How to figure the ROI of CLE, if we had some benchmark data

General counsel invest their department’s money and time each year in professional development courses (See my post of May 25, 2008: CLE with 30 references.). Some of that expense must be borne because of state law requirements imposed on lawyers admitted to the bar of that state to keep up to date. Other development efforts, such as attending conferences, online learning, and presentations from law firms, are discretionary, but for both mandated and optional education, there should be some expectation of a return on investment.

Benchmarks are non-existent about what US legal departments put out for continuing legal education. It is possible that $4,000 per year per lawyer is a plausible estimate. That figure comes from $2,000 for one conference plus associated travel and lodging costs and eight hours of a lawyer’s time at $250 an hour fully loaded. Not that internal costs of a lawyer fall into the same category as checks written to a conference organizer, but for a company it comes down to virtually the same dollars.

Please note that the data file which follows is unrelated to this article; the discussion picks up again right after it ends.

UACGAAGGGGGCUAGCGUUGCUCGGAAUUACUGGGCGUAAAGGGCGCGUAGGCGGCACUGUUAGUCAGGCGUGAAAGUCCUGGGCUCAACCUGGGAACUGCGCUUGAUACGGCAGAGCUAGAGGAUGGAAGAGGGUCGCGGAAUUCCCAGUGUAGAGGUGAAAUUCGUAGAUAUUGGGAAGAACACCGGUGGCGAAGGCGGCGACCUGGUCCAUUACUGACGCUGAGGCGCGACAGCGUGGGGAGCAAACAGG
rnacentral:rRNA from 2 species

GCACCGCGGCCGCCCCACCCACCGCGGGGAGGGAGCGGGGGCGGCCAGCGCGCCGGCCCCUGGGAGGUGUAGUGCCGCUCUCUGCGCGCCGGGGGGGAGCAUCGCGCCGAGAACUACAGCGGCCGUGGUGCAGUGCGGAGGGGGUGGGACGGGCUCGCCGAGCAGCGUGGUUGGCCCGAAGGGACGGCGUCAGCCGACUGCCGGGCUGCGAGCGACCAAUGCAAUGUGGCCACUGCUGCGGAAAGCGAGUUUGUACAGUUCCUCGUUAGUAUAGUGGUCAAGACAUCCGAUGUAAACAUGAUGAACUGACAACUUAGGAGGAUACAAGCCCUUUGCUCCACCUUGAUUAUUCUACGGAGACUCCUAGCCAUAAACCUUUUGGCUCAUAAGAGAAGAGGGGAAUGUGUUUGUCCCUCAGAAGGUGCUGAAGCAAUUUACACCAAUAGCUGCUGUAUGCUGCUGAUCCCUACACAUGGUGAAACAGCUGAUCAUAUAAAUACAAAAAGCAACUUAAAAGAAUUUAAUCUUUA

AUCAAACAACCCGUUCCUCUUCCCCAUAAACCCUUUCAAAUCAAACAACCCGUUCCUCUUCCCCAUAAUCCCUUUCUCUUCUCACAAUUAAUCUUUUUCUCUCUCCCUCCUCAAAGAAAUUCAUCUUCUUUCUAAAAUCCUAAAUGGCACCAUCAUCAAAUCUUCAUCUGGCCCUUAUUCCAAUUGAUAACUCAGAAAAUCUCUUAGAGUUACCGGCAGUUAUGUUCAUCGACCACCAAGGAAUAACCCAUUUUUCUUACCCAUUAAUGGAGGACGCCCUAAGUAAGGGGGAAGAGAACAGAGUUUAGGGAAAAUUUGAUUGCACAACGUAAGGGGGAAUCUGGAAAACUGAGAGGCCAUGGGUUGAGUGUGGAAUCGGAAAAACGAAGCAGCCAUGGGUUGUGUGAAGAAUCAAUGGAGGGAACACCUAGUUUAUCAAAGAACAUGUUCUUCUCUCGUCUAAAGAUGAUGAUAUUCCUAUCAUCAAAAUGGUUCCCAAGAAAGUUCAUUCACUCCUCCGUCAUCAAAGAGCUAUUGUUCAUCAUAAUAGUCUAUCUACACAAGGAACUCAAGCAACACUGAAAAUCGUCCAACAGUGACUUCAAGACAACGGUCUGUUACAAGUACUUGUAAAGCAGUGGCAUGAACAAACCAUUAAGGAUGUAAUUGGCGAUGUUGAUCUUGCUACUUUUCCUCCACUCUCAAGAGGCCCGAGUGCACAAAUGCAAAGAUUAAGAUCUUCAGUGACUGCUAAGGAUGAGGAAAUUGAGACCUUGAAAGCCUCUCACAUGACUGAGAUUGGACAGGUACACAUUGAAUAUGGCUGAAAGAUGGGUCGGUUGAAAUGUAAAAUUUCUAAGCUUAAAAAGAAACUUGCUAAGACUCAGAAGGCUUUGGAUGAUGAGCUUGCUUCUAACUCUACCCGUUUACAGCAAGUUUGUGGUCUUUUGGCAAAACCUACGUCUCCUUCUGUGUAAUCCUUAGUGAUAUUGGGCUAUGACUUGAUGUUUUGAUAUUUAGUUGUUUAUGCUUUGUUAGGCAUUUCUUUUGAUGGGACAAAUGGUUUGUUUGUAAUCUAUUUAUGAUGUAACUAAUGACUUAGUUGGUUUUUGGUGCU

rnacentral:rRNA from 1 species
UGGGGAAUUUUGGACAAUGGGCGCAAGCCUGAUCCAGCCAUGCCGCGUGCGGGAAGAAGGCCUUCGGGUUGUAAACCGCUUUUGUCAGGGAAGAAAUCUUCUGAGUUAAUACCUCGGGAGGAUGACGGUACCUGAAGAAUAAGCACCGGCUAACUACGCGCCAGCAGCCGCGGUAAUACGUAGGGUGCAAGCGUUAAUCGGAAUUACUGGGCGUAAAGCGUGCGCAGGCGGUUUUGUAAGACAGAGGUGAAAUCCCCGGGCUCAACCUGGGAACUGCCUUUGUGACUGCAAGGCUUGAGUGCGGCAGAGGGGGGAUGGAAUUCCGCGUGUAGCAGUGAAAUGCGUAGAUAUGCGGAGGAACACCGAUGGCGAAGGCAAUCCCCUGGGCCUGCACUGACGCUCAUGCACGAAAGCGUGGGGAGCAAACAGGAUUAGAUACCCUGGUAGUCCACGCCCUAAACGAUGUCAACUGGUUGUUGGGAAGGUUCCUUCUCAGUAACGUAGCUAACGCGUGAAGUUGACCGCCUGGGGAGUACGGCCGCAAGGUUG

One way to calculate the ROI of CLE would be to gather from a group of legal departments their spend per lawyer on CLE and a few other metrics, such as lawyers per billion of revenue, outside counsel spend as a percentage of revenue, and total legal spend as a percentage of revenue. If amounts invested for professional improvement per lawyer correlated to any of those outcome metrics, you could argue with more specificity that CLE activities translate into greater productivity, capability, or reduced costs. For example, you might find that the more you spend per lawyer on training, the fewer lawyers are needed per billion of revenue.

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